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Brisket Tacos & Jalapeño Peach Salsa

 

It’s hard not to gush about the smoked brisket in these tacos. When our chef carved it, folks swarmed around the cutting board, elbows jostling, tasting forks outstretched for a bite. The meat had a deep pink smoke ring and a beautiful, well-peppered crust — it tasted juicy, smoky, spicy, salty, and pleasantly fatty. Someone said the chef was a magician, someone else called the brisket “meat candy,” everyone went in for second and third bites. In the end, he had to chase them away with the tail of a hand towel.

It’s a good thing he did, because the brisket is lovely in a taco. The peach salsa has a wonderful, fruity-sweet complexity — thanks to some anchos, cilantro, lime, and garlic — that perfectly complements the brisket’s meatiness and bold smoke. Folded in a fresh, homemade tortilla, the two ingredients make a sublime bite.

Brisket is not hard to make, but it is a long project. Make this on a Saturday or Sunday, when you’re in the mood to sit next to the smoker all day. Briskets were invented for bonding, so your approach should be to put out the folding chairs, invite your best friend over, drink a few beers, baste the brisket every now and then, and pontificate. Get it all out: once the brisket comes off the grill, all conversation will stop.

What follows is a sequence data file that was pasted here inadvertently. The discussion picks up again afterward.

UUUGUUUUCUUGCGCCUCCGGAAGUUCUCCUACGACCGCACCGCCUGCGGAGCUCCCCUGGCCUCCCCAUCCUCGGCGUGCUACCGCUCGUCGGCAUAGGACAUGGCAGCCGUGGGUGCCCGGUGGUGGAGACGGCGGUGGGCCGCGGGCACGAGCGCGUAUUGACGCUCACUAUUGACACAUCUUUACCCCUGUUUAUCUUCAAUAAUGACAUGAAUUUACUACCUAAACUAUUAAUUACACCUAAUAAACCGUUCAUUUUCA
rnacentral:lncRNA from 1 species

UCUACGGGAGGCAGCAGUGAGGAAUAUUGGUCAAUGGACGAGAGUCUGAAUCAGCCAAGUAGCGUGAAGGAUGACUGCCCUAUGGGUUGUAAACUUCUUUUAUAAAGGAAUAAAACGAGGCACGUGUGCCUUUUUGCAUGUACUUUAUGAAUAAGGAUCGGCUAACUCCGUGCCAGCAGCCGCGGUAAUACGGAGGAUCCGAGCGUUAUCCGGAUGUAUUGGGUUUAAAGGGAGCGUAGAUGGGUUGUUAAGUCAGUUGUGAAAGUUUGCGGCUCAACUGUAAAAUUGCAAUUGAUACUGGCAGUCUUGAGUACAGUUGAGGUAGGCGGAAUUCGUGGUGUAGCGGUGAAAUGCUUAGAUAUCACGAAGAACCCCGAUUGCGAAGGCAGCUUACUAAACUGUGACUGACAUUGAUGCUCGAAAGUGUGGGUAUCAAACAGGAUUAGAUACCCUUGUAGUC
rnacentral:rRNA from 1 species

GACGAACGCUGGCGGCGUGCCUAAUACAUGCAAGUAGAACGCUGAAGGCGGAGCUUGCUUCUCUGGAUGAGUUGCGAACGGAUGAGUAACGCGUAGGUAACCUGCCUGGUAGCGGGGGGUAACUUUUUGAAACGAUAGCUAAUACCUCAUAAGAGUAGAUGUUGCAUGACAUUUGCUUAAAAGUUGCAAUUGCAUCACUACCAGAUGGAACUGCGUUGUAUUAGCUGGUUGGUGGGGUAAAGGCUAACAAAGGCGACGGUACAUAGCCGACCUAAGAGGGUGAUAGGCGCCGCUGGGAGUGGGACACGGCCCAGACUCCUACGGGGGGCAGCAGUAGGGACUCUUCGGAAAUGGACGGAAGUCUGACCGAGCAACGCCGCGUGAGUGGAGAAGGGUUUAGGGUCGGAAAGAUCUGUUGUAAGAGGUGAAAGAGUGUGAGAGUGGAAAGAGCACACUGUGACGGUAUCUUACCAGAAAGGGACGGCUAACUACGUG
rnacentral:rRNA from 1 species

Servings: 16

 

Ingredients
 

4 to 7 lb brisket (point and flat)

3 Tbsp salt

3 Tbsp cracked black pepper

¼ cup apple cider vinegar

Flour tortillas

Jalapeño peach salsa (recipe below)

 

Directions

 

  1. Rub the salt and pepper into the brisket.

  2. Heat the smoker to 250º, and place the brisket in it.

  3. Smoke the brisket for 2 hours, opening the smoker as little as possible. Maintain the heat throughout the cooking process by adding hot coals and a few chunks of wood to the firebox periodically. The smoke should be white and clean.

  4. After 2 hours, baste the brisket with vinegar, using a brush or spray bottle. Try not to remove any bark, or crust, from the brisket.

  5. Continue to smoke the brisket until the internal temperature reaches 203º, about 4 more hours for a 4-pound brisket or 6 more hours for a 7-pound brisket.

  6. Transfer the brisket to a cutting board or platter. Tent it and let it rest for 30 to 45 minutes. This will allow the meat to relax — so it’s juicier and more tender.

  7. Slice the rested meat against the grain, and serve it with fresh, homemade flour tortillas and the jalapeño peach salsa (see recipe below).


Jalapeño Peach Salsa

 

 
Yield: about 3 cups

 

 

Ingredients

 

2 medium peaches, diced

1 large jalapeño, seeded and minced

1 medium tomato, seeded and diced

1 small red onion, diced

1 clove garlic, minced

¼ cup cilantro, chopped

1 Tbsp lime juice

2 Tbsp olive oil

2 tsp ground cumin

¼ tsp ancho powder

Salt, to taste

Pepper, to taste

 

 

Directions

 

  1. In a large bowl, combine all the ingredients and stir until just incorporated.

  2. Serve immediately or store in an airtight container in the fridge for up to 3 days.

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